The second Num Skull album gets shit upon mercilessly in hindsight because so many folks jump straight from ‘Ritually Abused’ towards this pure, and very plain, death metal album recorded almost a full decade later. It isn’t a style of death metal you’d expect from a classic thrash band and it is unfortunate that most of the people who’ll ever bother to listen to it are die-hard thrashers who might not care for the brutal, groove-driven style of death metal attempted here. In fact, this is a fantastic and very orthodox United States death metal record that compares well with early Vital Remains, Krabathor, Deicide, and the groove metal side of Korpse‘s ‘Pull the Flood’. This was a personal triumph for the long and probably soul-fucking journey Brandner had taken from 1988 until then; According to him they didn’t tour the record, they didn’t give a shit if anyone liked it, and well shit, they didn’t make any money off of it. The newer folks involved thought they might hit it big and rake in the cash but, without the commitment to the rehearsal studio and toughing it out self-financing records they’d all fall away by 2001.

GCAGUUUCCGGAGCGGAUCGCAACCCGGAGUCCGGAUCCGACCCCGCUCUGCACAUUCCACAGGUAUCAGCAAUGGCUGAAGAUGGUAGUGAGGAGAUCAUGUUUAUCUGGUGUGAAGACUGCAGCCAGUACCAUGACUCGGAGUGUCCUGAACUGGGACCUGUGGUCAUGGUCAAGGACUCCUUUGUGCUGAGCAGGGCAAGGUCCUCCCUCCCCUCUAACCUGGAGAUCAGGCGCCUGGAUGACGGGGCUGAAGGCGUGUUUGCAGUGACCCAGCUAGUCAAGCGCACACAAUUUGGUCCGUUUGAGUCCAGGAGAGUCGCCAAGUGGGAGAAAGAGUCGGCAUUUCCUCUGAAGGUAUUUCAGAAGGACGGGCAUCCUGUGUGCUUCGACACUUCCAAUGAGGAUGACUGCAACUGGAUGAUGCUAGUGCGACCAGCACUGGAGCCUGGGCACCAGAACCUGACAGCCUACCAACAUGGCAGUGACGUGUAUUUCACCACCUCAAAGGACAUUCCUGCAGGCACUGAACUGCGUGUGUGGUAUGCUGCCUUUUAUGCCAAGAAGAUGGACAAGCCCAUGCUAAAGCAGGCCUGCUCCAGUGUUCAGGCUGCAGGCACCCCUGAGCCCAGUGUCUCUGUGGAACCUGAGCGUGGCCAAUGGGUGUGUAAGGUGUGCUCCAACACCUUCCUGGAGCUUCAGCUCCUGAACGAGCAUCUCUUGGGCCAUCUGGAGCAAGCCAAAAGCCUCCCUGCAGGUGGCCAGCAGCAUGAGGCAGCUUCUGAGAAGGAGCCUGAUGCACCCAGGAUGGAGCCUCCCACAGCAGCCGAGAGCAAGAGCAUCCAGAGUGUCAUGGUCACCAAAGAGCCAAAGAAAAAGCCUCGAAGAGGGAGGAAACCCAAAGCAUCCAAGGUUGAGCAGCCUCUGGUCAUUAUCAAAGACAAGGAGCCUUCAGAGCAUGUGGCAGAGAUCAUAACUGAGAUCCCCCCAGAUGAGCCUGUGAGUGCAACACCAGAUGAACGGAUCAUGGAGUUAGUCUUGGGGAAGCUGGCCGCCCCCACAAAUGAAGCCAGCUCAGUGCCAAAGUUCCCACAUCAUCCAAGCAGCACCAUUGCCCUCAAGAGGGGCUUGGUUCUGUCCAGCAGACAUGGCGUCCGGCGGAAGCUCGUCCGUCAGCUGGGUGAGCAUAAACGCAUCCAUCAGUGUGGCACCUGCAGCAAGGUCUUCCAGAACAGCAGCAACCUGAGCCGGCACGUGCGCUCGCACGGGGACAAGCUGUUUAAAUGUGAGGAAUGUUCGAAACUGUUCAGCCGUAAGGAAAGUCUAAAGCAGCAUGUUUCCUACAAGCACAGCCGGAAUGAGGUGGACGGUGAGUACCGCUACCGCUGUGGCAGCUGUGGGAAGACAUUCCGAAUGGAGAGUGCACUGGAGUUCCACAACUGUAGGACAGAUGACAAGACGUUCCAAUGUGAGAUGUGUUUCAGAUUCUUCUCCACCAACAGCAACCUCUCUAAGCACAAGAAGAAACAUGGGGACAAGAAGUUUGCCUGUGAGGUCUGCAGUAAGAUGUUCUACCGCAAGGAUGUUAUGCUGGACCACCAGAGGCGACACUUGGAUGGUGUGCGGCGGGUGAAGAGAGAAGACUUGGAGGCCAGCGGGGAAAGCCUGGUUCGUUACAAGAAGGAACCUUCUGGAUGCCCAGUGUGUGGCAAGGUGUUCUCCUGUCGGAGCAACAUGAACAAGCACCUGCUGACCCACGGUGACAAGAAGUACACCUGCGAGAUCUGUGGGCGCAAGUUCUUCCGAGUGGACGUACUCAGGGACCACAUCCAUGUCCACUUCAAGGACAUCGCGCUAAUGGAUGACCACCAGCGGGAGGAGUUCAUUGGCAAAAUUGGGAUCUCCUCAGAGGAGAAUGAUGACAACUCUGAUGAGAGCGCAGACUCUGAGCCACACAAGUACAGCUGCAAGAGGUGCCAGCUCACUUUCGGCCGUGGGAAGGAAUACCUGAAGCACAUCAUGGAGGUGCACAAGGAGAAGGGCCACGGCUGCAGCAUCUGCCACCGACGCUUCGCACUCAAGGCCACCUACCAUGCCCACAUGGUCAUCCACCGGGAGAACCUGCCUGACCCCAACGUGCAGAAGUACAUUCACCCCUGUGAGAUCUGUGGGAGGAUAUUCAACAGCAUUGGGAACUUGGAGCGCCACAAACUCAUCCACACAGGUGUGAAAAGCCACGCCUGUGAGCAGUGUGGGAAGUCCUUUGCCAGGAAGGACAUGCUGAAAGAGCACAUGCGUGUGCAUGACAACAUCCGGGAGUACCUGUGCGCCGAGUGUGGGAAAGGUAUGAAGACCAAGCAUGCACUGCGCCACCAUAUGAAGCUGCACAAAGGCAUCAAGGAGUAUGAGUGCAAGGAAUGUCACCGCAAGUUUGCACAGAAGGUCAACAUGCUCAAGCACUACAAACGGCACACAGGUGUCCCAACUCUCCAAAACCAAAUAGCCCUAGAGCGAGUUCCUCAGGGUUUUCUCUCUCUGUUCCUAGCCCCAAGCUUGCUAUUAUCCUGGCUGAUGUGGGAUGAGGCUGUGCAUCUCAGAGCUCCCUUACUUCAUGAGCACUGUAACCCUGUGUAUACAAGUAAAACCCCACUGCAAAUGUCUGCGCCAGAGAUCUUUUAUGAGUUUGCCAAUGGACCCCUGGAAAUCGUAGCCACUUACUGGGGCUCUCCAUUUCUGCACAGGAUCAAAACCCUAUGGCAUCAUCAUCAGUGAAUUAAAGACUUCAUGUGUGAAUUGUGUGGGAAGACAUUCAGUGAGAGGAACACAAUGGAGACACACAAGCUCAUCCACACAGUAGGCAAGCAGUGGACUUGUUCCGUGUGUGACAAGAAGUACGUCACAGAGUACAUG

Bassist Mike Eisenhauer would focus more on his Evil Incarnate project (see: ‘Blackest Hymns of God’s Disgrace’) starting in ’97. Drummer Scott Creekmore started Mercenary Digital Studios and serve as engineer/producer for bands like Lividity, Morta Skuld, Putrid Pile, and Waco Jesus since. Brandner would go on to help out with the short lived groove/death metal project Lupara while Broken Hope founder Jeremy Wagner had the band on hiatus beyond 2000. I suppose looking back at the history of this band I’d found myself wondering why they didn’t fight a bit harder for ‘Future – Our Terror’ to become a reality but, it becomes clear with posthumous interviews the reality of independent music and financing the way forward involves the right crew on hand before anything else. Without the right choice of staff or enough interested parties the core of Num Skull had really died by 1991 and while ‘When Suffering Comes’ is a fantastic death metal record it wasn’t at all related to the original formation of the band. There is no way to fault anyone for this natural lifespan of a band but I would say, choosing the right label and representation could absolutely could have lead this fantastic band down a different path. ‘Ritually Abused’ is the clear and most important release involved but I would encourage death metal fans to give both versions of ‘Future – Our Terror’ a chance and give some honest consideration towards the fact that I’d posit ‘When Suffering Comes’ as a true classic of Midwest death metal.